Finally, she said,

“Don’t worry, if you lose money, I’ll double it for you.”

Cindy the scammer

That worked. Cindy had successfully guilted Sunil into investing in Cryptocurrencies that were never to hit the market.

But Sunil wasn’t going to be a gullible target. He refused to invest anymore and was ready to take a loss of $500 as his worst case scenario.

Cindy, on the other hand, had a few more tricks up her sleeve.

Once Sunil shared his decision to not invest anymore, Cindy asked him to put in another $500. He disagreed. Cindy then told him she has over 5 years of experience in “Encrypted Currencies” and she wanted him to be rich. But Sunil didn’t budge.

Sunil asked her how many friends had she referred and what was her incentive to refer him. She said she only asked her “two best girlfriends” to invest and no one else besides him.

This went on for a few days, eventually Sunil had bought $2000 worth of VOST tokens from Cindy.

Now, he had to wait for “secondary markets to open” so he can sell and claim his 70% revenue. The secondary markets never opened.

But this wasn’t the end. In a few days, Cindy convinced Sunil to invest more in a 5G project and that’s when Shit hit the fan.

Cindy scammer convinced user to invest in VOST
Cindy explaining the fake 70% revenue on investment in VOST tokens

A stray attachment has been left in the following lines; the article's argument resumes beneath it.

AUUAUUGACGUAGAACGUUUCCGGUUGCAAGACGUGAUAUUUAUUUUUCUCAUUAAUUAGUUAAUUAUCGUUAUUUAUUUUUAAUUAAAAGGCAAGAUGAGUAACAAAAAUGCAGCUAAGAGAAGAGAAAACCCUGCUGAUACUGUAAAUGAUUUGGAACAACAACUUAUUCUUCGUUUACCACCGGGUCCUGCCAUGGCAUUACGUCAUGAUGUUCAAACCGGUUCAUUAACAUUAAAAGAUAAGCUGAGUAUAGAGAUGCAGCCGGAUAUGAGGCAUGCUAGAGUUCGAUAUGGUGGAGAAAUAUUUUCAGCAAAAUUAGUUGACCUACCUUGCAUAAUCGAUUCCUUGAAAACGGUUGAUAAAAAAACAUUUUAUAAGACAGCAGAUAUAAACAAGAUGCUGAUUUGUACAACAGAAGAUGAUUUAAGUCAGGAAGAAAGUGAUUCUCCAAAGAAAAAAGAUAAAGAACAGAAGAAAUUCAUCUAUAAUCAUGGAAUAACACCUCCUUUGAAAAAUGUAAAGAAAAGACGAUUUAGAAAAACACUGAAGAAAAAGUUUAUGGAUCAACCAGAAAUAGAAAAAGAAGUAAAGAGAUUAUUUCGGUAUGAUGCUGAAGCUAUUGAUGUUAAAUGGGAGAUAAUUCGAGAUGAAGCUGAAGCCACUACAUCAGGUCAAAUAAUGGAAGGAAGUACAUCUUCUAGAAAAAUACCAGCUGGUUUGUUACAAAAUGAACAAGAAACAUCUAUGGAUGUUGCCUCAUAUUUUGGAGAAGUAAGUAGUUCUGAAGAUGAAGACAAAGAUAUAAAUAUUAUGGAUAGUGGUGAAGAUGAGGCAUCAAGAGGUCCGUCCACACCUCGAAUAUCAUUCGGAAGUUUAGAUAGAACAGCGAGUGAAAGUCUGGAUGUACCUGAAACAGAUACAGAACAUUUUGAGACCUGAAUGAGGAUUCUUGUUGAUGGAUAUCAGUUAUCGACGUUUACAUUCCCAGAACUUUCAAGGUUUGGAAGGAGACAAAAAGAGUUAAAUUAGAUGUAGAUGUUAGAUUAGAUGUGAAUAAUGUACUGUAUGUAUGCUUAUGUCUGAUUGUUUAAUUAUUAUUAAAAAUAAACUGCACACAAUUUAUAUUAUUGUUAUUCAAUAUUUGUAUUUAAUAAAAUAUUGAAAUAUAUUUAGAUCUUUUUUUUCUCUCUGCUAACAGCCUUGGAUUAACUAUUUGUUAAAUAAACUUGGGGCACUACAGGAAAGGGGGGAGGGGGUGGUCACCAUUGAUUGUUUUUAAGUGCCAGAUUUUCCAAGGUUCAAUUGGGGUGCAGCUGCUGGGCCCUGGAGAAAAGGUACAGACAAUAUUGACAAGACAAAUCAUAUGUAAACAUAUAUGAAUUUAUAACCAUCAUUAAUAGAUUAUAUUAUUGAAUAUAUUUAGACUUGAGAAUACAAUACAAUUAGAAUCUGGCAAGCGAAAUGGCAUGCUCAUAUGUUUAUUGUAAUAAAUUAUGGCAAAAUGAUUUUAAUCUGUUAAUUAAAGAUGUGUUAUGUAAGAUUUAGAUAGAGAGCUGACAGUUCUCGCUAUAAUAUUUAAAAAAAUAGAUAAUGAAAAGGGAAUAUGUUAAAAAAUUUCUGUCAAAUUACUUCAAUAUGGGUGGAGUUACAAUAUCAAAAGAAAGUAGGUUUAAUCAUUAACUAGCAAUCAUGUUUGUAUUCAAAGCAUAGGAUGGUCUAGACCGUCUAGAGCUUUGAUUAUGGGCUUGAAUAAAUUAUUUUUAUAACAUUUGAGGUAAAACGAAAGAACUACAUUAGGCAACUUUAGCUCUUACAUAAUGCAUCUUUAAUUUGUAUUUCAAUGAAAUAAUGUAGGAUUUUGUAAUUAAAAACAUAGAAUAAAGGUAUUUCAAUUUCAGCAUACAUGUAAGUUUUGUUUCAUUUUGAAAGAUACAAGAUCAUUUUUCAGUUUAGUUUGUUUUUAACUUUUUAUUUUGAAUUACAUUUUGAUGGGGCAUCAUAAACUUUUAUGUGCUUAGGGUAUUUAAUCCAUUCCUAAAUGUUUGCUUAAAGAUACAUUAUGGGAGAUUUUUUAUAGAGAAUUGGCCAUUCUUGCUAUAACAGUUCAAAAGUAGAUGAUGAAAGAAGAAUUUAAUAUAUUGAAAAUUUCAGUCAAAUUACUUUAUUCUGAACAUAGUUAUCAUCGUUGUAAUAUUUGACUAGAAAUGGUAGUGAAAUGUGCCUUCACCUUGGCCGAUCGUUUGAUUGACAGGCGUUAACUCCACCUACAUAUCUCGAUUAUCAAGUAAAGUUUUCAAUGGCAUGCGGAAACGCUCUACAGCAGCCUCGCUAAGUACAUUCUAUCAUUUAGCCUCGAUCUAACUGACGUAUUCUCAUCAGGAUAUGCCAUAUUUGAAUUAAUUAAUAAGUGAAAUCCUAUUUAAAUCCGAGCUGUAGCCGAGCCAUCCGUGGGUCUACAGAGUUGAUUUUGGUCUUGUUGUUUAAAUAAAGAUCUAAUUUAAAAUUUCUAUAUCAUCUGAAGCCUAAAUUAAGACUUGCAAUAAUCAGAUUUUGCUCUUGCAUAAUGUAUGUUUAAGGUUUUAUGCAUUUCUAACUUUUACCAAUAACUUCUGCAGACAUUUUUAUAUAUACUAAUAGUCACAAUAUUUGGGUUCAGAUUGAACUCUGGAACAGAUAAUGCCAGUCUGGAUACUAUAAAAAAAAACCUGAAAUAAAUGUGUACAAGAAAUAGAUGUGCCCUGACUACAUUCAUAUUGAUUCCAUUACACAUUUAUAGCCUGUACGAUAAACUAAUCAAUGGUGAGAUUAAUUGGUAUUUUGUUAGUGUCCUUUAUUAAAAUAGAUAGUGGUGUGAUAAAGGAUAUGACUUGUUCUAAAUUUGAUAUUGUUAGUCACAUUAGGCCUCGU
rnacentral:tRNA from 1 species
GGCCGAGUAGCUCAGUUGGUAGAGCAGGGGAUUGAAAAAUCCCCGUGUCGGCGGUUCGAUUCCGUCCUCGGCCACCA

The 5G investment and a Fake Exchange

Cindy knew that Sunil was skeptical of the first scheme as he could not see a value on screen for his investment. This time, the scammers came better prepared for Sunil.

Cindy first shared details of a project that is working on the 5G technology. Their token is called “INF”.

The website for the token is live. Our team also found another website neutronstar which is a clone of inftoken. The syndicate of scammers are using multiple projects to woo unsuspecting traders. 

Cindy asked Sunil to create an account at an exchange called CoolCoin (, the site is now inaccessible.

Sunil was then convinced to send USDT to the exchange and buy INF token. The site showed trading of INF and the price of the token going up steadily. This was enough to convince the gullible trader to invest more money, after all he wanted to build a house in his hometown.